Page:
Mark Squibb / July 28, 2023
Some 2,000 soccer players, 500 coaches and team managers, and untold numbers of family members and friends will descend upon Paradise this weekend for the Paradise Soccer Club’s (PSC) 2023 Sunsplash Tournament
Games began last night, and all-told 268 games will be played over the four-day tournament. Most of the games will be played at either the Dianne Whalen Memorial Soccer Complex or Peter Barry Duff Memorial Park, but the club will also utilize the Gushue Turf and Central Field in Mount Pearl for games.
PSC Chairman Paul North said that on Friday and Saturday there will be as many as 10 games being played at any given time.
All told, 116 teams have registered for the tournament, breaking last year’s record of 93 teams.
“It seems like we keep breaking our record every year,” said North. “We keep thinking, ‘We’re at our maximum now,’ but somehow we keep managing to get more teams here.”
North said that increase gels with what he has seen at the club level in recent years.
“We’re seeing significant year-over-year growth in Paradise within our house league and All-Star program,” he said. “We’re probably in the 1,600 range in Paradise alone.”
North credits the success of soccer at a national level as one of the factors behind the recent soccer boom locally.
“The Women’s World Cup is on right now, and Canada is one of the top countries in the world,” said North. “Our men played for the World Cup in 2022 for the first time since 1986. You’re seeing more soccer on TV now. Major League Soccer (MLS) now has teams based in Montreal, Vancouver, and Toronto. And a lot of people from Newfoundland travel to the States, Florida in particular, and you get to see Miami and Orlando teams. So, more and more people are exposed to the game, and I think all that has led to more youth playing the game today.”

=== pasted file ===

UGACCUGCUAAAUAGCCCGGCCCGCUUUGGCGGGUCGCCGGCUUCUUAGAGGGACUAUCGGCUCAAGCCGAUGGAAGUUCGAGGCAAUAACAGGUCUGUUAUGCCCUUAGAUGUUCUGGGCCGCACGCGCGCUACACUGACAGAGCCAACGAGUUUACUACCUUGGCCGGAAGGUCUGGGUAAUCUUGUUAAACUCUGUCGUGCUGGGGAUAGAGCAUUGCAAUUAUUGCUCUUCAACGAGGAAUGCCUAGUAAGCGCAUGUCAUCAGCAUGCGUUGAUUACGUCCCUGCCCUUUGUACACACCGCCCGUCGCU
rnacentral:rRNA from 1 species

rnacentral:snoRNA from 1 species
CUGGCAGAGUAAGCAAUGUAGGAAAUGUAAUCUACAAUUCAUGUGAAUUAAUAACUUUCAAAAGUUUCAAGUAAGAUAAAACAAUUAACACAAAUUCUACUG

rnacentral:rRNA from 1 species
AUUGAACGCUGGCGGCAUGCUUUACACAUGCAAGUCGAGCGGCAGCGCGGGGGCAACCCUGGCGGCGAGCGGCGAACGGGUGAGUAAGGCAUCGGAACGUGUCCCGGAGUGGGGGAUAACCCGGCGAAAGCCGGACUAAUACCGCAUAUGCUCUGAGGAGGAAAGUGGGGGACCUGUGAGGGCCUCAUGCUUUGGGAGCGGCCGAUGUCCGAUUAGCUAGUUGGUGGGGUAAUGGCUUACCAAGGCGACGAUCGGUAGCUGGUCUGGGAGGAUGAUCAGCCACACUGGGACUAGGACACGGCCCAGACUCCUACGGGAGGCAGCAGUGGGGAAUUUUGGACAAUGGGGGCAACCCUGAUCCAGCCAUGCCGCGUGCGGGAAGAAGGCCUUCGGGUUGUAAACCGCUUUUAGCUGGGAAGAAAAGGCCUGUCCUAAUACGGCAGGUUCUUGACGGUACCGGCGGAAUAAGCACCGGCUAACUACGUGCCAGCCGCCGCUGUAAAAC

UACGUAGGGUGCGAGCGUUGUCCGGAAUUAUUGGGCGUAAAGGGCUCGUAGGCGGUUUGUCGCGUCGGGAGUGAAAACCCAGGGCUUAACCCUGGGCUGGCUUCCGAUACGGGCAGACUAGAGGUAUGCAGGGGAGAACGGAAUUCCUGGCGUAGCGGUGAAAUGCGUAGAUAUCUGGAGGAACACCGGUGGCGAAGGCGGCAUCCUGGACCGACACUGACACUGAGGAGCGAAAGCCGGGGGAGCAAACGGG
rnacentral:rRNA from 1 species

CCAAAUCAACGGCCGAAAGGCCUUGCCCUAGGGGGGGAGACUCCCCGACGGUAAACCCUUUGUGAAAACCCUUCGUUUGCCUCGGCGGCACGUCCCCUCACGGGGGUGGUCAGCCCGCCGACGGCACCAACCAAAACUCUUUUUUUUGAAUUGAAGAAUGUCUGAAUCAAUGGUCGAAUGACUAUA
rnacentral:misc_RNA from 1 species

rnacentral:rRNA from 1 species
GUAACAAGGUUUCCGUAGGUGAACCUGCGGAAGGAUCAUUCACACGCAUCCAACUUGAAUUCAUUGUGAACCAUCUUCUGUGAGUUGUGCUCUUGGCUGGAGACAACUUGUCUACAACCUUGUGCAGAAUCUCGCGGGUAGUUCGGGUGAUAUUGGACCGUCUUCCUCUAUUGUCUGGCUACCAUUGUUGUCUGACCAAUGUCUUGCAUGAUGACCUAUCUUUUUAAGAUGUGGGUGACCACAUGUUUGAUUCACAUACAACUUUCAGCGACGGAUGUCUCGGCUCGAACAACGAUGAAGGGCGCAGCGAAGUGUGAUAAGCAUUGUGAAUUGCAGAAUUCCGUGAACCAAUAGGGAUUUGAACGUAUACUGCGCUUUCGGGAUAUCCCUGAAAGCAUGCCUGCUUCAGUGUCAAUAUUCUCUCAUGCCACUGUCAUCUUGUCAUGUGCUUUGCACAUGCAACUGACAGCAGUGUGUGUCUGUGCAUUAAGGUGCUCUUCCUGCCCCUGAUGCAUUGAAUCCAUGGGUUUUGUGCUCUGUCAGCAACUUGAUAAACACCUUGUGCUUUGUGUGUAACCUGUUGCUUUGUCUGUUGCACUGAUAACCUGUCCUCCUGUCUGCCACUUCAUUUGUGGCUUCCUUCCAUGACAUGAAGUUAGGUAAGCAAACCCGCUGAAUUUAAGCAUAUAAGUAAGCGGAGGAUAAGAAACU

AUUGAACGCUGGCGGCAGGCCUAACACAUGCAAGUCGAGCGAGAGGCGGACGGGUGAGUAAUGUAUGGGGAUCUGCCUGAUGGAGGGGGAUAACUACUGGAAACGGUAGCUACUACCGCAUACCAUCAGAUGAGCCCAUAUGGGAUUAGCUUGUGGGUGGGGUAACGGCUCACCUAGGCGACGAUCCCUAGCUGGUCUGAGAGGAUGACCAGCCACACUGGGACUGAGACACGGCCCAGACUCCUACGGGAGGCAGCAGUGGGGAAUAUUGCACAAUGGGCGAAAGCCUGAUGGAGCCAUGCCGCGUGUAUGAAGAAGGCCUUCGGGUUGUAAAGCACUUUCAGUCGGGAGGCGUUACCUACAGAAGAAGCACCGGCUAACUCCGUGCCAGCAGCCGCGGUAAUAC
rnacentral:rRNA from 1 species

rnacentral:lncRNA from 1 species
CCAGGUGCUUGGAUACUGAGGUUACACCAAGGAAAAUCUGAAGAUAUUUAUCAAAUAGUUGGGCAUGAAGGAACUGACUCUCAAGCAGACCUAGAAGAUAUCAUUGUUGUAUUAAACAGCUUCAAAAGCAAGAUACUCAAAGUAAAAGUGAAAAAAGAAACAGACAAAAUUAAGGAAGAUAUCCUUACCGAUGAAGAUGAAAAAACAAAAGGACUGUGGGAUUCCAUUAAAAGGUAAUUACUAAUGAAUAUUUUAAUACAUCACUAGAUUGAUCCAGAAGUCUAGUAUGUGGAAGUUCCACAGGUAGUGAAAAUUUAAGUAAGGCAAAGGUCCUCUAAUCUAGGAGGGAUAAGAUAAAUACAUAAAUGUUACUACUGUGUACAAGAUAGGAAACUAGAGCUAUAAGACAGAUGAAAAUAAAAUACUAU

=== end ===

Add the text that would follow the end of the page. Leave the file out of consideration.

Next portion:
And while folks have planned and youth have practised, the games couldn’t go ahead without a small army of volunteer referees — about 80 of them, to be exact.
North said that as refereeing can be an intimidating role to fill, retaining refs can be difficult in any sport.
That’s why a few years back the club, in coordination with the provincial body, the Newfoundland and Labrador Soccer Association (NLSA), began to run a referee mentorship program to coincide with the Sunsplash Tournament.
“We have 12 senior referees being brought in this weekend to work with the young referees and give them feedback as to what they’re doing well and what they need to improve on, and just to help and support these young officials,” said North. “It’s something you don’t see in other tournaments held here. So, we’re really proud in Paradise that we’ve got this program. We’ve developing soccer players but also, through Sunplash, we’re developing referees for the long-term development of the game.”
Planning for the annual tournament begins within a month of the end of the previous year’s tournament.
“It’s a big tournament, and it’s becoming bigger every year,” said North.
New this year, Paradise Soccer has been able to avail of a new artificial-turf field at the Dianne Whalen Soccer Memorial Soccer Complex, which, along with the other two fields at the complex, will be one of the main playing fields used during the tournament.
The Town paid some $2 million out of pocket for the field, which opened last fall.
North says it’s proved to be a great asset.
“We’re able to open our season much earlier now,” said North. “Grass fields in Newfoundland are traditionally not ready until June, so we’re now able to get on the turf in April, which is a huge cost savings for the club, because we’re typically still training indoors at that time. We also don’t face as many weather constraints because the grass fields close when we get rain. Obviously, June was a challenging month weather wise, but because of the artificial turf we were still able to move on and train and grow the club. So, the turf has been a huge benefit and a great asset.”